Indeed, such remote open ocean MPAs are most likely missing their intended mark. Recent studies published in Nature Ecology & Evolution pointed out that the United Nations Sustainable Development Goal (SDG) targets need to do more than simply setting aside protected areas. Such MPAs need to be “equitably and effectively managed,” they need to be “ecologically representative” and “interconnected” to each other to have any impact on reducing biodiversity loss. Importantly, this notion of “equitably and effectively managed,” doesn’t mean locking it up and keeping everyone out, but rather regulating the impacts on a sustainable and equitable basis. Based on those measures of being effectively managed, representative, and interconnected, most existing MPAs are failing at what they intended to deliver.


Whether we set aside 3 percent of our oceans, 10 percent or even 30 percent, scientists and policymakers are arguably shuffling deckchairs on the Titanic around the edges of the real drivers of ecosystem decline – climate change. A 2019 study in Nature – Scientific Reports on the key drivers of human impacts on marine ecosystems demonstrated that the cumulative impacts of climate change related drivers were so dominant, that other factors like fishing activities were largely inconsequential. The study also showed that some ecosystems, like coral reefs, seagrass, and mangroves were far more susceptible than others. Highlighting a need to target any management on specific ecosystems rather than blanket entire areas.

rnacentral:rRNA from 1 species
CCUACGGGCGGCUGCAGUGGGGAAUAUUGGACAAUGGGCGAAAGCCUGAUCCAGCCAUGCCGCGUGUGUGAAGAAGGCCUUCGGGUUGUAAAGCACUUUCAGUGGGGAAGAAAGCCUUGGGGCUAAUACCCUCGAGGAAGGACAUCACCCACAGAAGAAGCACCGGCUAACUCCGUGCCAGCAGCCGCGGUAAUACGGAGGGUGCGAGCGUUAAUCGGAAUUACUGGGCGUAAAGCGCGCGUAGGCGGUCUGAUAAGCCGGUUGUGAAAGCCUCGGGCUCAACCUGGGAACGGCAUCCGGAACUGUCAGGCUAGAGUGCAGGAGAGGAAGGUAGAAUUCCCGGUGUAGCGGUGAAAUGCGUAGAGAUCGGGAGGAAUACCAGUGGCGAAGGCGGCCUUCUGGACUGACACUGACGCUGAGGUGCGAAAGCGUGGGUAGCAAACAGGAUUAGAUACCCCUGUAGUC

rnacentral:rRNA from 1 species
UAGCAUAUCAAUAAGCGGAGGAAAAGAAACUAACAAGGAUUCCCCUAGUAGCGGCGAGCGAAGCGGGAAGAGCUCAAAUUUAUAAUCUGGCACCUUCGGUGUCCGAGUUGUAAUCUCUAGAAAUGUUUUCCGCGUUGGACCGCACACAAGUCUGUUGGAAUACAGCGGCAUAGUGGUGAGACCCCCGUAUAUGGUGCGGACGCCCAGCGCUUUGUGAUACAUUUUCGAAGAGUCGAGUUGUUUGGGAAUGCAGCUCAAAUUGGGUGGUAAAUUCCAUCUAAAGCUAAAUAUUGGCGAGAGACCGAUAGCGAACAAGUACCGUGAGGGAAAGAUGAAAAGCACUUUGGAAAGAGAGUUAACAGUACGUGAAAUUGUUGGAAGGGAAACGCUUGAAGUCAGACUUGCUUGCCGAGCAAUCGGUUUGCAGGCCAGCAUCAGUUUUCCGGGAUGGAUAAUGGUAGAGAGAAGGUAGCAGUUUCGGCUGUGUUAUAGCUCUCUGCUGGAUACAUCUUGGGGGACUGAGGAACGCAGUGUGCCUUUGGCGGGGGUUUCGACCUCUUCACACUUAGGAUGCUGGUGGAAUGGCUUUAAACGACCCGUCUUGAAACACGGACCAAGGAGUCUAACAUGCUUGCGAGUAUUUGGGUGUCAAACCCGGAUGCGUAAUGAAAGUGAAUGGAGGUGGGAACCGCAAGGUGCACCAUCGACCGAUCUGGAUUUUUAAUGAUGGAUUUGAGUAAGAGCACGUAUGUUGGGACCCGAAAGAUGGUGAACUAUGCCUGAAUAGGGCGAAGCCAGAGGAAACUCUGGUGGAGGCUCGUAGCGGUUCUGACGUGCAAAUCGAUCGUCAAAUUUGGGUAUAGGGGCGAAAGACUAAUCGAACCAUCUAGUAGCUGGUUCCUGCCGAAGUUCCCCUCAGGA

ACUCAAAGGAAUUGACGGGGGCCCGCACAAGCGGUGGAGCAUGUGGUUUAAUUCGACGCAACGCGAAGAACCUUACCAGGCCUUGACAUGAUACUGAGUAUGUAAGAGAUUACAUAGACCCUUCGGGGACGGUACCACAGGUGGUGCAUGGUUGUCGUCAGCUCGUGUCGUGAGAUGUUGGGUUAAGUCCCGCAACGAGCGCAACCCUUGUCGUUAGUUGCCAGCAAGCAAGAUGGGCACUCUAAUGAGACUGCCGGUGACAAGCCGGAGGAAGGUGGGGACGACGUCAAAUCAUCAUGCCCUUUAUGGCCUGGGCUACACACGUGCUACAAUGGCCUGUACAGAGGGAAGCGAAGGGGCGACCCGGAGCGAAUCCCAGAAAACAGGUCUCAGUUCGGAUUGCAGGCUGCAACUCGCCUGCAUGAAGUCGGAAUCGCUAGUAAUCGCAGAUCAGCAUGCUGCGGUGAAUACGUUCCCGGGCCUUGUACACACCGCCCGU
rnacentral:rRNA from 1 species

Like many of the major issues of our time, the science is complex and there aren’t simple solutions. Because of this, these problems need vast amounts of money and political will, both of which appear to be in short supply.  Consequently, conservationists are left fighting over scraps and political compromises, and they end up recommending politically soft targets like industrial fisheries. However, if we really want to maintain biodiversity and ensure a variety of healthy ecosystems in our oceans that sustain a wide range of services that oceans sustain like; food production, CO2 absorption, climate regulation and so on, then this higher percentage is not necessarily the answer for long-term impact, but rather we are better focusing our use of such tools on areas of high ecosystem value.

So, to ensure we make the best possible decisions into the future, those that help maintain the maximum biodiversity, increase the value of the various ecosystem services that oceans provide, then more investment in monitoring and developing a clear decision framework linked to specific goals is required. In this way, the limited resources the world is willing to set aside for our oceans will buy maximum value. MPAs need to be sited where they can make the most difference, not where they are politically expedient.


Figure 1. Map obtained from https://www.protectedplanet.net/en/thematic-areas/marine-protected-areas

30 by 30 map


Figure 2. Coral reefs like this one in Vietnam represent some of the most vulnerable marine ecosystems on Earth, where use of MPAs has some clear benefits. Photo: B.Glencross

coral reefs